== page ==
by Caroline Eaton
Creating an enabling environment for play and learning requires careful planning and reviewing. As we all know the impact the environment, we find ourselves in can affect us hugely. In the same way the adults have the power to open or close down learning the environment can also do this. Malaguzzi describes the environment as being the third educator.
The environment can be thought of to include the physical as well as the emotional environment. This blog will primarily focus on the physical environment and the considerations are valid for both the indoor and outdoor.
Considerations for creating an enabling environment.
Reflecting children’s interests
We know that we are statutorily obligated to follow children’s interests in the EYFS. If children are interested and motivated by the resources on offer then they will explore, refine their thinking and develop their skills. This will also help children to feel valued and that they are important, which is vital for building self-esteem. This could also include potential interests, after all, how do we know we are interested in something if we don’t know of its existence?
Celebrating the cultural capital of the child
Children come to our settings with varied life experiences and in order to feel safe and secure and therefore in a good place to learn, they need to see their lives reflected in the learning environment. This could be a copy of a favourite book, duplicated resource from home such as a football or something in the domestic role play. Resources that enable children to show what they know and understand. It is therefore going to be essential to get to know that child and family and then be clear about how and where the learning environment reflects that child. The cultural capital may change during the child’s time with you.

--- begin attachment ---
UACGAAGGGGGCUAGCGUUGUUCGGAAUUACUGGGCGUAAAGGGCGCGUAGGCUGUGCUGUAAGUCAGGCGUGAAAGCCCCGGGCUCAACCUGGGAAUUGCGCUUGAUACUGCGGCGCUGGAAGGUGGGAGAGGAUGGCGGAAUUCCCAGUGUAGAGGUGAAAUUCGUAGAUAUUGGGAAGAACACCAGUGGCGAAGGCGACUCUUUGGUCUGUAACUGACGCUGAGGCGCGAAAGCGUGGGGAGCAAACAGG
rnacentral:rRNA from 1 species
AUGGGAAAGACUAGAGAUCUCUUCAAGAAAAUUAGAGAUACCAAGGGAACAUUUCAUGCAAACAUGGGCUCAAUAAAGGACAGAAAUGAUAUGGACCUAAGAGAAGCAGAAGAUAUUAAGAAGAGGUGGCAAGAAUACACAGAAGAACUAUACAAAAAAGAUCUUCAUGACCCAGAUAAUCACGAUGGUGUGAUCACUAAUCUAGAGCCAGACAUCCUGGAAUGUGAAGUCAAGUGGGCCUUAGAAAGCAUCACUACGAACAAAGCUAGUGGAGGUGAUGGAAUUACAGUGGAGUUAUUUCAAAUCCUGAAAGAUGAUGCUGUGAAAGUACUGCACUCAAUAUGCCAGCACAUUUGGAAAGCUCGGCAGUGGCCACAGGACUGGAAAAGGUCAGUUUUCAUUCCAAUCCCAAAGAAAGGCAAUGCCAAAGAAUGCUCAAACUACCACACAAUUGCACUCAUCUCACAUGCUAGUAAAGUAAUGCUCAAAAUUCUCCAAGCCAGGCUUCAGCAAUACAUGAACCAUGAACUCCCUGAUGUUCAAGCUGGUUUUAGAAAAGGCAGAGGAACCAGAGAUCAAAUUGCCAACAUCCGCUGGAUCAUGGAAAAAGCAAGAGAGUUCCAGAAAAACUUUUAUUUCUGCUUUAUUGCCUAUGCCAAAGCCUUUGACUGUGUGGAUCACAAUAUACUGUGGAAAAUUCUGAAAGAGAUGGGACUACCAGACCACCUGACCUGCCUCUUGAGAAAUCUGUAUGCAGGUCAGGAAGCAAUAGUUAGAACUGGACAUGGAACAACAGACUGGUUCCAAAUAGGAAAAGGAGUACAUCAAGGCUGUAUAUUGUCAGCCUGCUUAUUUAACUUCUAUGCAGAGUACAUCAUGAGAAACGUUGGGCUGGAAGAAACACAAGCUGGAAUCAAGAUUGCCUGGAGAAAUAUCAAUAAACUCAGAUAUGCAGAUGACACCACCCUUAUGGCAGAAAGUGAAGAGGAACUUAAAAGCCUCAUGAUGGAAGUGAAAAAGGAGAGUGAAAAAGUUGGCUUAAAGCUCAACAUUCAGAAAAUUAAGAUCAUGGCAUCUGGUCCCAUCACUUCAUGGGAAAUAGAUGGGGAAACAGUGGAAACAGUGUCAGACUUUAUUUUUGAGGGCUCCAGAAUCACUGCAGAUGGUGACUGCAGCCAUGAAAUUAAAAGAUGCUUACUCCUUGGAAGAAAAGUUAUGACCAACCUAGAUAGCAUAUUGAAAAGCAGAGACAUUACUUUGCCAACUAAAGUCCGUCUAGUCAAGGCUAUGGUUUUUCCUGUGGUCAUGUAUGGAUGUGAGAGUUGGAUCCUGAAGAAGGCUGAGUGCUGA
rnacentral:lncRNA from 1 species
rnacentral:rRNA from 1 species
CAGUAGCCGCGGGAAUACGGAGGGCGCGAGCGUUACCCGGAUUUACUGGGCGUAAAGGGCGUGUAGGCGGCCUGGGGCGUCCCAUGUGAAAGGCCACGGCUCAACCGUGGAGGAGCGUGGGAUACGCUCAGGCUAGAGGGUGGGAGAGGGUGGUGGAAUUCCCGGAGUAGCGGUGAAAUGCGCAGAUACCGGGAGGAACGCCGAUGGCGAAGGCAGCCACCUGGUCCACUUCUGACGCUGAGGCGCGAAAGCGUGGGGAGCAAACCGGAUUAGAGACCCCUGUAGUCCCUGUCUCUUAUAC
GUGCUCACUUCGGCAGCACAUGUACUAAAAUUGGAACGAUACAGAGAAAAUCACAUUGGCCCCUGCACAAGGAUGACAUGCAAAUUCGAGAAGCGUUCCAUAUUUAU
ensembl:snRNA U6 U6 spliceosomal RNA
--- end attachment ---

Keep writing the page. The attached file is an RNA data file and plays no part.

As we know having the right level of challenge ensures that learning happens. If children spend too much time in their zone of achieved development as Vygotsky identified, then they aren’t having enough challenge. They do need to spend time here but they also need to spend time in the zone of proximal development either with a responsive adult or a peer. We know that open-ended resources provide greater learning opportunities. Careful thought can lead to an environment that meets a range of developmental needs such as having a variety of widths and lengths of balancing materials. Both less experienced and more experienced balancers can then refine their balancing skills and feel successful.
How resources are presented can also influence how they are used. Children need to be able to make choices and also know where to put the resources back after they have finished with them. Open storage is more inviting to very young children as boxes can sometimes hinder them from seeing or knowing what is inside. The positioning of the resources will also play a part. It is no surprise that supermarket shelves are stacked with this consideration in mind. The goods that are in the eye sight of customers are more popular than those higher up or lower and brands will pay more for these prized shelves. It may pay to observe your children and to move the position of some resources and see if that piques the interest of the cohort.